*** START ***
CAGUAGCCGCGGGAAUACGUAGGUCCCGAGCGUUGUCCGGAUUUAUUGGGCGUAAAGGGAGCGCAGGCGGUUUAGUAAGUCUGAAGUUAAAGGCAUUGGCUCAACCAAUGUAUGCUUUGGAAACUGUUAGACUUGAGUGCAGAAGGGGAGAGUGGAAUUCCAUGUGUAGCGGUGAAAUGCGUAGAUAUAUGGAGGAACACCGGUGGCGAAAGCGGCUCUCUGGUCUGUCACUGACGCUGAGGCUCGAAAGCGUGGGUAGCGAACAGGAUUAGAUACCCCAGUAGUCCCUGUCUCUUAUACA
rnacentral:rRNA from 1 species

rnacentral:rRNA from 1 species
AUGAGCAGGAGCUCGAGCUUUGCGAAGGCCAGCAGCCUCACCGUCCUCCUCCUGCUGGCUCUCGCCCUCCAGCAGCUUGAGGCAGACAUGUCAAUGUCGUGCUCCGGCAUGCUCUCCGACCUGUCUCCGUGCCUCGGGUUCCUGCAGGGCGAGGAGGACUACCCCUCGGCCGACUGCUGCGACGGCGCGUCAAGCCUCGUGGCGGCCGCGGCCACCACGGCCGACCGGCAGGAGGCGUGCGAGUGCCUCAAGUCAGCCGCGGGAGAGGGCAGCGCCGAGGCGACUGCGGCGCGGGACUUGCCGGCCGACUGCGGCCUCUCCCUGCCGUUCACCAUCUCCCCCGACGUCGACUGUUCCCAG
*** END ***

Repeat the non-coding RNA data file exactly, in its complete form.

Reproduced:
CAGUAGCCGCGGGAAUACGUAGGUCCCGAGCGUUGUCCGGAUUUAUUGGGCGUAAAGGGAGCGCAGGCGGUUUAGUAAGUCUGAAGUUAAAGGCAUUGGCUCAACCAAUGUAUGCUUUGGAAACUGUUAGACUUGAGUGCAGAAGGGGAGAGUGGAAUUCCAUGUGUAGCGGUGAAAUGCGUAGAUAUAUGGAGGAACACCGGUGGCGAAAGCGGCUCUCUGGUCUGUCACUGACGCUGAGGCUCGAAAGCGUGGGUAGCGAACAGGAUUAGAUACCCCAGUAGUCCCUGUCUCUUAUACA
rnacentral:rRNA from 1 species

rnacentral:rRNA from 1 species
AUGAGCAGGAGCUCGAGCUUUGCGAAGGCCAGCAGCCUCACCGUCCUCCUCCUGCUGGCUCUCGCCCUCCAGCAGCUUGAGGCAGACAUGUCAAUGUCGUGCUCCGGCAUGCUCUCCGACCUGUCUCCGUGCCUCGGGUUCCUGCAGGGCGAGGAGGACUACCCCUCGGCCGACUGCUGCGACGGCGCGUCAAGCCUCGUGGCGGCCGCGGCCACCACGGCCGACCGGCAGGAGGCGUGCGAGUGCCUCAAGUCAGCCGCGGGAGAGGGCAGCGCCGAGGCGACUGCGGCGCGGGACUUGCCGGCCGACUGCGGCCUCUCCCUGCCGUUCACCAUCUCCCCCGACGUCGACUGUUCCCAG